Alice in Liverpool


Alice and the Caterpillar (1865) by John Tenniel.

It’s perhaps surprising that an art gallery, rather than a library, is holding a huge survey exhibition about Alice, but then Carroll’s creation has been and still is the inspiration of artists, photographers, theatrical designers, animators, film-makers.

Thus Marina Warner writing about an exhibition of art based on Lewis Carroll’s Alice books opening at Tate Liverpool this Friday:

Alice in Wonderland will offer visitors a rare opportunity to view Carroll’s own drawings and photographs, alongside Victorian Alice memorabilia and John Tenniel’s preliminary drawings for the first edition of the novel.

Carroll’s stories were soon adopted by other artists. Surrealist artists from the 1930s onwards were drawn towards the fantastical world of Wonderland where natural laws were suspended. From the 1960s through the 1970s, Carroll’s Alice tales also prompted conceptual artists to explore language and its relationship to perception, and the stories inspired further responses in Pop and Psychedelic art. Expect to see works by artists ranging from Salvador Dalí and René Magritte, to Peter Blake and Yayoi Kusama. (more)

The exhibition runs to January 29th, 2012, and I suppose this gives me a convenient opportunity to point again to my psychedelic Alice calendars which have been updated for the forthcoming year.

Previously on { feuilleton }
Coulthart calendars for 2012
Scenes from a carriage
Through the Psychedelic Looking-Glass: the 2011 calendar
Alice in Acidland
Return to Wonderland
Dalí in Wonderland
Virtual Alice
Psychedelic Wonderland: the 2010 calendar
Charles Robinson’s Alice’s Adventures in Wonderland
Humpty Dumpty variations
Alice in Wonderland by Jonathan Miller
The Illustrators of Alice

Eno’s Luminous Opera House panorama


I’m a bit late with this one but better late than never. Brian Eno’s illuminated transformation of the Sydney Opera House, part of the city’s Luminous Festival, was widely publicised last month but I never got round to checking it out properly. This week Thom drew my attention (thanks Thom!) to this panorama by photographer Peter Murphy whose marvellous view inside one of Yayoi Kusama’s mirror rooms I linked to in March. Looking on Murphy’s site I see he has another Kusama panorama showing a view inside Phalli’s Field (or Floor Show). And while we’re on the subject of Ms Kusama, she currently has a room at London’s Hayward Gallery as part of their Walking in My Mind series by different artists. You can see a reaction to that here.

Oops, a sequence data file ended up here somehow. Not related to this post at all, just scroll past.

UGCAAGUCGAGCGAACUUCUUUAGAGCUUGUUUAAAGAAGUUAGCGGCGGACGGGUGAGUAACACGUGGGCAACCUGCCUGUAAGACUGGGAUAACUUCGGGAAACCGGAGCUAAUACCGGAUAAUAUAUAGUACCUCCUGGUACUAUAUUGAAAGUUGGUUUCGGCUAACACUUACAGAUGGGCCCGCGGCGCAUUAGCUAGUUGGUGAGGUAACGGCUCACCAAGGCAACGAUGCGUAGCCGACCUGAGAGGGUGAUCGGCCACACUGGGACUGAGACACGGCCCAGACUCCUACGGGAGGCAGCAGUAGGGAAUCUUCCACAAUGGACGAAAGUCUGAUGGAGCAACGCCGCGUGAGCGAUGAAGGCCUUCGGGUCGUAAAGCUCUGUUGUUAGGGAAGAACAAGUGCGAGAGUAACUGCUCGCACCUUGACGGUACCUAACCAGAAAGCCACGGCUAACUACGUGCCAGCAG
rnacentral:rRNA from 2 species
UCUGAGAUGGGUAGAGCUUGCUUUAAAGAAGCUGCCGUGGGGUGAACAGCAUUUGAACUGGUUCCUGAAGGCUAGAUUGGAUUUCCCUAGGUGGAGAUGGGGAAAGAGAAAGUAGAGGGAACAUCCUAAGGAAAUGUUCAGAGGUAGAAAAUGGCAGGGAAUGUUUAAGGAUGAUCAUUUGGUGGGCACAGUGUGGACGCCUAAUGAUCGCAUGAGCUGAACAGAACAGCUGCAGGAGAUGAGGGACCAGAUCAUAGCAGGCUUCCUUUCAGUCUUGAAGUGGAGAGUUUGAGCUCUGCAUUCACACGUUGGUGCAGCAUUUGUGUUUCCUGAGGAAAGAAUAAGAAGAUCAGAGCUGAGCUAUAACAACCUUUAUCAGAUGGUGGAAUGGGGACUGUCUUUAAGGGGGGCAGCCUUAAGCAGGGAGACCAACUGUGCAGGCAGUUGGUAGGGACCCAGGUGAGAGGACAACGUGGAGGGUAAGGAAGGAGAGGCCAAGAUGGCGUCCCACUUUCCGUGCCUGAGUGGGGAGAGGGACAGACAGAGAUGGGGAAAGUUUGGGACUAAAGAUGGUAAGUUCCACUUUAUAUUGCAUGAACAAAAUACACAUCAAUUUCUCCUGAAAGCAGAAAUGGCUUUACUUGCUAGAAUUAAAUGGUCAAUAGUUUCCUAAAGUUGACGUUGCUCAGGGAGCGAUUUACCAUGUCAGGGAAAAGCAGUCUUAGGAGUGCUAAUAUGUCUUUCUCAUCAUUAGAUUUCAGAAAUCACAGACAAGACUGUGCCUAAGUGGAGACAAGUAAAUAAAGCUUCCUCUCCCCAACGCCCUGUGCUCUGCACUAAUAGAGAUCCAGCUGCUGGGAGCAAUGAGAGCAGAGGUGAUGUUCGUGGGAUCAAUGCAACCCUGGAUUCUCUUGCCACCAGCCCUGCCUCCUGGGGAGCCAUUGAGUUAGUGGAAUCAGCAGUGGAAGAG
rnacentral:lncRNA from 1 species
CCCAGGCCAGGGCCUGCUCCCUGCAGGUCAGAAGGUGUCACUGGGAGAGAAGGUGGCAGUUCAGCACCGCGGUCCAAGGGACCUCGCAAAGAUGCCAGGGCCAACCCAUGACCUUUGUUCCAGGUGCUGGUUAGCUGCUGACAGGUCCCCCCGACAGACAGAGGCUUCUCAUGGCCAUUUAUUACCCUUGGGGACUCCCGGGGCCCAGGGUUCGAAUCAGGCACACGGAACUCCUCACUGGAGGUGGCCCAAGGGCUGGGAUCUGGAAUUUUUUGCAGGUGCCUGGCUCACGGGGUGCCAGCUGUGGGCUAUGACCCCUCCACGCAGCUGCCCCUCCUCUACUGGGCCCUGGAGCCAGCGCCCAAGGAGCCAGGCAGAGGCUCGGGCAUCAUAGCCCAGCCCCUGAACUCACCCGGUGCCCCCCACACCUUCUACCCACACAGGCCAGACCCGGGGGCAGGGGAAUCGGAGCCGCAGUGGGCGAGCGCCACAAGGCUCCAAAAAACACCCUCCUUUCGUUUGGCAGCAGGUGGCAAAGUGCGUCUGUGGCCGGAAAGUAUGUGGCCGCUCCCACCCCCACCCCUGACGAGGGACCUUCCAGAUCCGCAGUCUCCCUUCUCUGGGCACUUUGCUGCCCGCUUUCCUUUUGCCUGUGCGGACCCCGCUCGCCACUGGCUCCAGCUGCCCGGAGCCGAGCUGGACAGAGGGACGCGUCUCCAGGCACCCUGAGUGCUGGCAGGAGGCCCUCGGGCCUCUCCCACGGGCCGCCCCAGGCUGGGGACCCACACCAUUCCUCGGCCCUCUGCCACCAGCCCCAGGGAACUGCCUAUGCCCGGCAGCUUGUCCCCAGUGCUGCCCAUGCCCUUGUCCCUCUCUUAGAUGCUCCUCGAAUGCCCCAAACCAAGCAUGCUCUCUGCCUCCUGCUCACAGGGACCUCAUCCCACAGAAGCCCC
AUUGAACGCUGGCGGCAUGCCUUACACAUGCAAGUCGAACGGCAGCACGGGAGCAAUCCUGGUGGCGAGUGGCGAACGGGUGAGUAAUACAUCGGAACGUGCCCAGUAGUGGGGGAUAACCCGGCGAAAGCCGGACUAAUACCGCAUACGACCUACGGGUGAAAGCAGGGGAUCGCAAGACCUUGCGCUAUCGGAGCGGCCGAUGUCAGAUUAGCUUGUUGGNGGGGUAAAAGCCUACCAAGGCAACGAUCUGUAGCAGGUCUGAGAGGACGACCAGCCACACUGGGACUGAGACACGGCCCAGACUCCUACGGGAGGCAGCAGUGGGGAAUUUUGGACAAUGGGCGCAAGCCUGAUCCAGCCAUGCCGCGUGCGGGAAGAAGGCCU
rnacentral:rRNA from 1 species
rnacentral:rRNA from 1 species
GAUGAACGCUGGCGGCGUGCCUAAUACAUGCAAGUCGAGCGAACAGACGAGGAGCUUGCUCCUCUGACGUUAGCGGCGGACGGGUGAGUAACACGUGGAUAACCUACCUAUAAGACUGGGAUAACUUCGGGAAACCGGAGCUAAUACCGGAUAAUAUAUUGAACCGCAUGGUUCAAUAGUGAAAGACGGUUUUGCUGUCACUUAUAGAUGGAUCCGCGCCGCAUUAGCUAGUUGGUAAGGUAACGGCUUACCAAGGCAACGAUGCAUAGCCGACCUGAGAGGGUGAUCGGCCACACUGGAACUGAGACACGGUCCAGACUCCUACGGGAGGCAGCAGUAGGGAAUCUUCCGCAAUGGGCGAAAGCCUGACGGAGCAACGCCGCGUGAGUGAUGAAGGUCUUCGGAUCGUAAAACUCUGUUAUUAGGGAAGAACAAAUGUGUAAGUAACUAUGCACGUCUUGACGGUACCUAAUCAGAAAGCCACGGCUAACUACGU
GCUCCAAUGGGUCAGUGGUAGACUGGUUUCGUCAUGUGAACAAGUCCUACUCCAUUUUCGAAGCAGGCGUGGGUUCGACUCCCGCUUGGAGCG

Elsewhere on { feuilleton }
The panoramas archive

Infinite reflections


Fireflies on the Water by Yayoi Kusama (2002).

One of my favourite contemporary artworks, Fireflies on the Water by Yayoi Kusama, receives a new showing at Sydney’s Museum of Contemporary Art. Her mirrored room features 150 lights and a pool of water and while most photos show an impressive work, none of them can match this fantastic 360º panorama by Australian photographer Peter Murphy. Kusama isn’t the only artist to use mirrors this way but mirror rooms and reflective surfaces have become as much a recurrent feature of her work as her trademark spots.

Fireflies on the Water is being shown as part of the Yayoi Kusama: Mirrored Years exhibition and can be seen until June 8th, 2009. (Via Nevertheless.)


Mirrored Room by Lucas Samaras (1966).

I’ve often wondered how far back the invention of the fully-mirrored room can be traced. Halls of mirrors are historically common but the mirrors tend to be on the walls only. American artist Lucas Samaras produced his Mirrored Room (with mirrored chair and table) in 1966, something which fascinated me when I first encountered it in art books.


It evidently fascinated ex-art student Brian Eno who I’m sure must have borrowed the idea for the cover of his collaboration with Robert Fripp, (No Pussyfooting), in 1973. I’ve always assumed this was a room in Eno’s home at the time but never seen that confirmed. Anyone know whether this is the case?

Elsewhere on { feuilleton }
The panoramas archive

Previously on { feuilleton }
The art of Josiah McElheny
Yayoi Kusama
The art of Yayoi Kusama
Exposure by Robert Fripp

Yayoi Kusama


Infinity Mirrored Room—Love Forever (1994).

“It is not controversial to describe Yayoi Kusama as Japan’s greatest living artist,” says Hannah Duguid in The Independent. I made a post about Kusama’s artworks in 2006 and now her work is in exhibition at the Victoria Miro gallery, London.

For this exhibition, revered Japanese artist Yayoi Kusama has conceived a new installation Dots Obsession—Infinity Mirrored Room (2008) especially for the upper gallery and in the lower galleries will install 50 new silkscreen works that will be shown alongside two significant sculptural pieces from the early nineties. At Victoria Miro 14 the artist will present a series of new dot paintings and an environmental installation I’m Here, but Nothing (2000-2008). The exhibition will continue outside the gallery where Kusama will install one of her most infamous works, Narcissus Garden in Regents Canal—a work which has never before been exhibited in the UK.

More pictures here. The exhibition runs until 20 March, 2008


Narcissus Garden (1966—2008).

Previously on { feuilleton }
Maximum Silence by Giancarlo Neri
The art of Yayoi Kusama
Atomix by Nike Savvas

Maximum Silence by Giancarlo Neri


Not an album cover design by Storm Thorgerson but an artwork of 10,000 lights by Giancarlo Neri which filled the grounds of the Circus Maximus in Rome earlier this week. Neri’s earlier work, The Writer, a huge table and chair, was also shown in Rome as well as appearing on Hampstead Heath in London. What the photo above doesn’t show is the lights gradually changing colour but you can see that via YouTube.

Previously on { feuilleton }
The art of Yayoi Kusama
Atomix by Nike Savvas